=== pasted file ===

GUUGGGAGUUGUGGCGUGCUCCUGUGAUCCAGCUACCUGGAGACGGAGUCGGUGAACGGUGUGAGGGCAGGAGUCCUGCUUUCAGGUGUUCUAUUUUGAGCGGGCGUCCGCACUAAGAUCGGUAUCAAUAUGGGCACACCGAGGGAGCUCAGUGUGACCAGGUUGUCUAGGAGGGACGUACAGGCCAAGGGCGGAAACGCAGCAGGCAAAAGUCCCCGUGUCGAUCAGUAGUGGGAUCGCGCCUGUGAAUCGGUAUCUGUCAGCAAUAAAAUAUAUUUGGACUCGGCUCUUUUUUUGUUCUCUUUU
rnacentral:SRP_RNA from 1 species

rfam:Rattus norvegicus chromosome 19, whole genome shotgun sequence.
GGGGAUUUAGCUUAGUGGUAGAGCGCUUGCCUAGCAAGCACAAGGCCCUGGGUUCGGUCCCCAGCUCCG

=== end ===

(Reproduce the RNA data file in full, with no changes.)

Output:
GUUGGGAGUUGUGGCGUGCUCCUGUGAUCCAGCUACCUGGAGACGGAGUCGGUGAACGGUGUGAGGGCAGGAGUCCUGCUUUCAGGUGUUCUAUUUUGAGCGGGCGUCCGCACUAAGAUCGGUAUCAAUAUGGGCACACCGAGGGAGCUCAGUGUGACCAGGUUGUCUAGGAGGGACGUACAGGCCAAGGGCGGAAACGCAGCAGGCAAAAGUCCCCGUGUCGAUCAGUAGUGGGAUCGCGCCUGUGAAUCGGUAUCUGUCAGCAAUAAAAUAUAUUUGGACUCGGCUCUUUUUUUGUUCUCUUUU
rnacentral:SRP_RNA from 1 species

rfam:Rattus norvegicus chromosome 19, whole genome shotgun sequence.
GGGGAUUUAGCUUAGUGGUAGAGCGCUUGCCUAGCAAGCACAAGGCCCUGGGUUCGGUCCCCAGCUCCG